Plot: Ex-con Jimmy Kilmartin (Caruso) is caught in an inescapable web of double crosses, deceit and sudden death when he's forced to infiltrate New York's criminal underground. Trapped between a vicious psychopath (Cage) and an unscrupulous D.A. (Tucci), Kilmartin must find the strength and ingenuity to save himself and his family.
Reviewed661 words (Est. Reading Time 3m 18s)
Browsing through the NetFlix® Instant Queue, I stumbled across a film I hadn’t seen in years – a film, by the way, highlighted David Caruso’s brief movie career – Kiss of Death.
After quitting NYPD Blue (TV), our red-haired friend Caruso had dreams of making it big on the big screen. But, with a few bad choices (Jade being the worst among them), that dream was short-lived, and Caruso dropped off the map for awhile. Of course, he has since recovered rather nicely with his role in “CSI: Miami” (TV).
But, now that he is doing better, I felt like it was high time I took a look back at some of his brief movie career. Would Kiss of Death showcase why he didn’t make it on the big screen, or did he just choose the wrong roles?
Playing a hoodlum seems like quite of a stretch for Caruso in his first movie role. After playing a detective who tended to stray over the line on occasion, it might have been a better idea for him to play a dirty cop, rather than just another street hoodlum. But, he jumped at the chance to try something a little different, and, while he’s decent, he’s just never quite believable as a hoodlum. Maybe he would have been better off to switch roles with one of his co-stars instead.
While Caruso is the main attraction in Kiss of Death, he’s by no means the only recognizable face in the cast. With everyone from Helen Hunt and Kathryn Erbe (who would also go on to play a TV detective, although she showed up in “Law & Order: Criminal Intent” (TV), not “CSI: Miami” (TV)) to Nicolas Cage, Stanley Tucci, Ving Rhames and Samuel L. Jackson, it seems like a star-studded cast that couldn’t go wrong.
Sadly, many of these talented actors are misused or under-utilized. Nicolas Cage, as a muscle-bound thug, is decent enough, again it just doesn’t seem a role that quite suits him, and viewers could easily see someone like, say, Vin Diesel in the role (hint, hint, Hollywood, if you are looking to remake the film again). Ving Rhames, usually a brilliant actor, is totally under-used, only appearing for brief moments.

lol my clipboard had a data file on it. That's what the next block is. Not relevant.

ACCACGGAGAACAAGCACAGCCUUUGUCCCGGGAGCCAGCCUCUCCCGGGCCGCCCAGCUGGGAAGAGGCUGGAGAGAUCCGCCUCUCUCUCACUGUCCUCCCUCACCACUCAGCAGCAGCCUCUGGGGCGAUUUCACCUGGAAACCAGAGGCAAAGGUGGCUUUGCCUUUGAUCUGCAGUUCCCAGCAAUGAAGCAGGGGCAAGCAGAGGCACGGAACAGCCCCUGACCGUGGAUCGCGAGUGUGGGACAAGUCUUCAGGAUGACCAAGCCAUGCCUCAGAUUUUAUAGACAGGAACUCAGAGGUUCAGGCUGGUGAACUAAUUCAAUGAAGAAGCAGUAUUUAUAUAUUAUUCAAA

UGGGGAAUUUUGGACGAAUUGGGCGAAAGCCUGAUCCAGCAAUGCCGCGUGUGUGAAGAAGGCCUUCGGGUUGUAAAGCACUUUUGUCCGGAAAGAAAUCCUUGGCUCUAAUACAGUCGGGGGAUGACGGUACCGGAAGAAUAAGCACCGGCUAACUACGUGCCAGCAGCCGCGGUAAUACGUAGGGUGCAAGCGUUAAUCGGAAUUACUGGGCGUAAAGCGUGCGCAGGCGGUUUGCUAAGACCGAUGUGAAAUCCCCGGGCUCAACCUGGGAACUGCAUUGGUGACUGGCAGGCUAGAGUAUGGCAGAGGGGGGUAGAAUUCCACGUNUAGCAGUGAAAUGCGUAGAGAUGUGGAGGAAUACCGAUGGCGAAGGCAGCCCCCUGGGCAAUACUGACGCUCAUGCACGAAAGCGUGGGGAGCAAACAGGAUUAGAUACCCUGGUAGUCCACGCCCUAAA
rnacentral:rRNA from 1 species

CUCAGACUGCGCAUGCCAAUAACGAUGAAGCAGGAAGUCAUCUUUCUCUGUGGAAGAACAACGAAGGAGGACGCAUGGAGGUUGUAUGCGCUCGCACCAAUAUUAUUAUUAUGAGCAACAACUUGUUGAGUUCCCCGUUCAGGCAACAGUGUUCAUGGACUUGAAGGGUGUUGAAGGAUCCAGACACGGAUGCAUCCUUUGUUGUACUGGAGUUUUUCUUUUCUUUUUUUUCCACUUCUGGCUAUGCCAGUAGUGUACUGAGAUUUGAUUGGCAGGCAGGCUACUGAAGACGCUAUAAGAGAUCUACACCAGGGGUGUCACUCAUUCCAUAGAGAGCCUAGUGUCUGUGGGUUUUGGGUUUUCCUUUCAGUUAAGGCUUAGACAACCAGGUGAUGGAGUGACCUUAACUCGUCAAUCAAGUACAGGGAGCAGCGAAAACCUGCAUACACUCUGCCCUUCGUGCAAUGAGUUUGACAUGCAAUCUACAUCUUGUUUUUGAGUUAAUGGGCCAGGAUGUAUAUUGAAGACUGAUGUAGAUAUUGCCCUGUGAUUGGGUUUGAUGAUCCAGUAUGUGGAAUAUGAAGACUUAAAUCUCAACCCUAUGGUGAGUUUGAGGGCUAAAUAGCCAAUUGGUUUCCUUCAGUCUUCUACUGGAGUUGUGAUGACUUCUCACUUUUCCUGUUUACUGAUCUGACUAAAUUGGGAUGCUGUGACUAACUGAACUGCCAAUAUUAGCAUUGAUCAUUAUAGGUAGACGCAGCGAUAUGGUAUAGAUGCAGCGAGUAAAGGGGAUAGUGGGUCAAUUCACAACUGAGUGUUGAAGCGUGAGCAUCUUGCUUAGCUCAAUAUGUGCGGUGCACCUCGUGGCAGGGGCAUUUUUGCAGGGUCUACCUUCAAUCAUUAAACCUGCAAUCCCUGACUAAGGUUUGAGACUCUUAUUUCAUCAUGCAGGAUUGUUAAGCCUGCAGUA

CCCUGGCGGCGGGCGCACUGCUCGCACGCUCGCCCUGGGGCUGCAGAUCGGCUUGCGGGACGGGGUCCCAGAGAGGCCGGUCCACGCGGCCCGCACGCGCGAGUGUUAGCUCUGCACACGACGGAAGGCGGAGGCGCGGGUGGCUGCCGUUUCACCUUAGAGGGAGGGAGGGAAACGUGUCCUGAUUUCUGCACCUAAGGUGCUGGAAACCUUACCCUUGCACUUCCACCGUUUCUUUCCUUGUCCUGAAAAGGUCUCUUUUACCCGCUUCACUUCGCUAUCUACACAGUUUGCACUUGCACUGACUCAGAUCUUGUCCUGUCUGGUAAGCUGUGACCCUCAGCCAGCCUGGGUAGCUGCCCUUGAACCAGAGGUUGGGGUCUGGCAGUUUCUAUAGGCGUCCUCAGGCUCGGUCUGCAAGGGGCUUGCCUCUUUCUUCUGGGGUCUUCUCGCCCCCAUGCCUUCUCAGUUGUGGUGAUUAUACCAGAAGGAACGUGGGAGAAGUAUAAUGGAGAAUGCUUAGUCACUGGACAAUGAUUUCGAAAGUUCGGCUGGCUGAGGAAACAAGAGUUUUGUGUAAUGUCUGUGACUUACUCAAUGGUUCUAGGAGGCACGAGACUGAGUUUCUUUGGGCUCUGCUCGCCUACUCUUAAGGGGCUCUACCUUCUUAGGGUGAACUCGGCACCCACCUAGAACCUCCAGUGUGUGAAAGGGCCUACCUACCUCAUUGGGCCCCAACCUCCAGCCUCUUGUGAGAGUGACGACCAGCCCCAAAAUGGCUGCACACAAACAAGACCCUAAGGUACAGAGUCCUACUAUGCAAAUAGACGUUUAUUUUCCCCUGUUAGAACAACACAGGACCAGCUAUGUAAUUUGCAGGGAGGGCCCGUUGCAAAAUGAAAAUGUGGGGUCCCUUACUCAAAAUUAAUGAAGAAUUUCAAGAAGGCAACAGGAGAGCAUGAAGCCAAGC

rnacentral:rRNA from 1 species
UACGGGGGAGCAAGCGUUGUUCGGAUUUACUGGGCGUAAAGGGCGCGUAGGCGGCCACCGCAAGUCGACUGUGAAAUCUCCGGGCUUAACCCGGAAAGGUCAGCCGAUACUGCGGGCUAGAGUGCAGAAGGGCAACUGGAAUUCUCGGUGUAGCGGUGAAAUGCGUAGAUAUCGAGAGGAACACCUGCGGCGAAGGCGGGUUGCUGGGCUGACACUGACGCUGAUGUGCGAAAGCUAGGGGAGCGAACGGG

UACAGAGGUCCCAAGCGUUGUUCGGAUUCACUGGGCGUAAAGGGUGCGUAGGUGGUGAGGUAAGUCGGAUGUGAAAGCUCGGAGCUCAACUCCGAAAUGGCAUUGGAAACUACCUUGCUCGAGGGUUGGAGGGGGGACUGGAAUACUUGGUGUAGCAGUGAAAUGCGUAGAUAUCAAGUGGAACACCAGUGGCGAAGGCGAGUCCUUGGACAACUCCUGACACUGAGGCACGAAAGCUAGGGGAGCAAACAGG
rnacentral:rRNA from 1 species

Stanley Tucci, as the unscrupulous D.A., is decent enough, and Samuel L. Jackson, as usual, doesn’t disappoint. Still, with Caruso’s background and Jackson’s versatility, Kiss of Death might have worked better if Jackson had played the hoodlum and Caruso the cop with an attitude. The viewers would have easily been able to get behind Jackson, and Caruso might have managed to pull off a bit more of a believable performance as the bitter cop – while also taking a bit of the weight of the movie’s success of his new-to-the-movie-biz shoulders.
The story is decent enough, and has the makings of turning into something promising, but through the under-utilized and miscast actors, the film never manages to make the viewer care enough to invest any emotional attachment. The pace of the film doesn’t help much either, and it seems to be composed more of snippets of a hoodlum’s life, rather than a tension-filled escalation to a dramatic conclusion. Maybe that’s the result of the 90’s, where the MTV-fueled brief, attention-grabbing sequences were just becoming all the rage, and almost every film was trying to capture that same feel.
All in all, Kiss of Death, while looking incredibly promising on the face of it, what with it’s cavalcade of stars and it’s hoodlum-caught-between-uncaring-cops-and-a-criminal-psychopath storyline, but the viewer quickly discovers that it squanders all of it’s promise early on, and turns out to be nothing more than average at best.
Still, what with it’s major role in Caruso’s short-lived movie career, Kiss of Death is an interesting snippet of movie history, and is interesting because of it. Unfortunately, that doesn’t make it any better, and most of the actors – Caruso included, albeit probably a bit wistfully – have long since forgotten their roles in this one.